Over the last year I’ve helped my Aunt out as she faces multiple health issues, including driving her to doctor appointments, the grocery store and to some family events. On many of these junctures she has offered me money to cover gas. From my perspective I didn’t “feel right” taking her money, after all she has always been a great support to our family and I viewed my helping her as a way of giving back. However; I quickly realized that by rejecting her offer I was actually disempowering her. Once I came to this realization I began graciously accepting her monetary offering during our outings. As uncomfortable as it was for me to take $10 from her, it was more important to allow her to contribute.
When family members are challenged with health issues most of us tend to try to do more for them because we love them and want to take care of them. However; sometimes our well-intentioned care can disempower those we love because we either do things for them that they can do themselves which can lead to decrease participation in day-to-day activities and their involvement to not only their own care but to the family as a whole.
Disempowering Behavior (includes but not limited to)
- Refuse to take money to cover gas or things purchased for them
- Don’t allow them to participate or help with what they can
- Make decisions for them either because we don’t agree with the decision they have made or feel that we “know what’s best for them”
- Talk about them as if they aren’t there
- Focus solely on their disabilities
- Don’t include them in family or other events because it is inconvenient to pick them up or it might take more of our time because they don’t move so quickly.
- Taking things from their home (i.e.: bills, paperwork) without asking them.
Empowering Behavior (includes but not limited to)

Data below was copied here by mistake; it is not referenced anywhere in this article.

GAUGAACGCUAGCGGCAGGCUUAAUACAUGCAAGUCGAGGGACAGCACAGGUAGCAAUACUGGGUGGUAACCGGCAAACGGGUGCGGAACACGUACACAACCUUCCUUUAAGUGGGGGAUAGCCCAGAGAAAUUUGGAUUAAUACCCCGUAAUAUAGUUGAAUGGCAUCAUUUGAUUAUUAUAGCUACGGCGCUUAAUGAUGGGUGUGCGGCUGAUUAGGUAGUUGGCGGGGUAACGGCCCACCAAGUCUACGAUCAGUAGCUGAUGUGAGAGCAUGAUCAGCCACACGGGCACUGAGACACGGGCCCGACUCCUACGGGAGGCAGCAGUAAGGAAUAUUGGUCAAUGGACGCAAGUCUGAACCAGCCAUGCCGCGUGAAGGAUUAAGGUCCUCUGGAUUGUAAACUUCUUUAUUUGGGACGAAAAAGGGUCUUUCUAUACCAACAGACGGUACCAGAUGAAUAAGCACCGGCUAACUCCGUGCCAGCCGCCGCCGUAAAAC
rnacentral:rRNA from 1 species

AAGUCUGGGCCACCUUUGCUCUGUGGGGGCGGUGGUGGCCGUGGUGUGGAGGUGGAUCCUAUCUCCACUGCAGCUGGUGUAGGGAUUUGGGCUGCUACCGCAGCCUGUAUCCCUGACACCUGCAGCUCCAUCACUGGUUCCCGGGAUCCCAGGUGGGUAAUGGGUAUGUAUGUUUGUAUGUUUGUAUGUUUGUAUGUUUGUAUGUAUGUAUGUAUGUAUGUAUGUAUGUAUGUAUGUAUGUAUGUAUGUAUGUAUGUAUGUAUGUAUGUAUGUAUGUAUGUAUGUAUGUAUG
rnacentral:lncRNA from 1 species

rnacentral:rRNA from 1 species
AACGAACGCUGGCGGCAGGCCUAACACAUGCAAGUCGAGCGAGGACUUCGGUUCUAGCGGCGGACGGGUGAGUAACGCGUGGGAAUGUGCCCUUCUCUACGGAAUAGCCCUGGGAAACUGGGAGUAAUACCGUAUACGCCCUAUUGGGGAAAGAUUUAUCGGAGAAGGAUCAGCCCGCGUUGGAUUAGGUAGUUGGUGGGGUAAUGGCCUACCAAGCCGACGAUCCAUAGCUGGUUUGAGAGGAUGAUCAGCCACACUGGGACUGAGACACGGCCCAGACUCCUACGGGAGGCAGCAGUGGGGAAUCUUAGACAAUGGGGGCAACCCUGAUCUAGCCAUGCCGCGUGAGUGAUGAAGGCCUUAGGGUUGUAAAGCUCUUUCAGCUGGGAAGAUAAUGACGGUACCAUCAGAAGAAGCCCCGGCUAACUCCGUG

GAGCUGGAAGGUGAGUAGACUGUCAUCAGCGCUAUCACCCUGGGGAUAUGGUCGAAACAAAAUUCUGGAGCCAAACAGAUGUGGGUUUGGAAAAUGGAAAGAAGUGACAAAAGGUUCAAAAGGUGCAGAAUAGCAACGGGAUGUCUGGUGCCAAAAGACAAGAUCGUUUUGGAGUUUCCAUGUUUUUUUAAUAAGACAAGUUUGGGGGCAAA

- Allow them to contribute financially (i.e.: gas/grocery money)
- Involve them in choices (about their care/ home safety)
- Focus on their abilities rather than their disabilities (Be creative in finding ways to help them do what they can)
- Give them time to respond (It’s ok to sit in silence for their response – Practice patience)
- Include them in your conversations
- Involve them in family/other events (at least give them the option of attending)
- Talk to them about more than just their medical issues
- Spend time doing fun thing (even if it’s just playing a game together or watching a movie)
Change your perspective and think about how you would want others to treat you if you were dealing with the same challenges and then act accordingly. Not only will you empower the person you are caring for, you may also establish an enriched way of relating to others around you.
How true this article is. I have to tell you in my family we came across the same thing. My Great Grandmother would want to to give a 2.00 to 3.00 and we would always so no. You could really see her feelings were hurt like it was not good enough or it didn’t matter. My Great Grandmother spoke in broken english and mixed in a lot of Italian. When I noticed the disappointment/hurt in her eyes we began to take her $2.00 or $3.00 and thanked her very much for the money. We put the money aside and we would take it and buy her little things like her favorite biscotti or whatever else she may enjoy. She would be so excited to receive her “little bits of treasure” as she referred to them. It was a Win Win situation.
Andrea – thanks for sharing. I love that you invested the money into something that would bring her joy! It really is a win-win.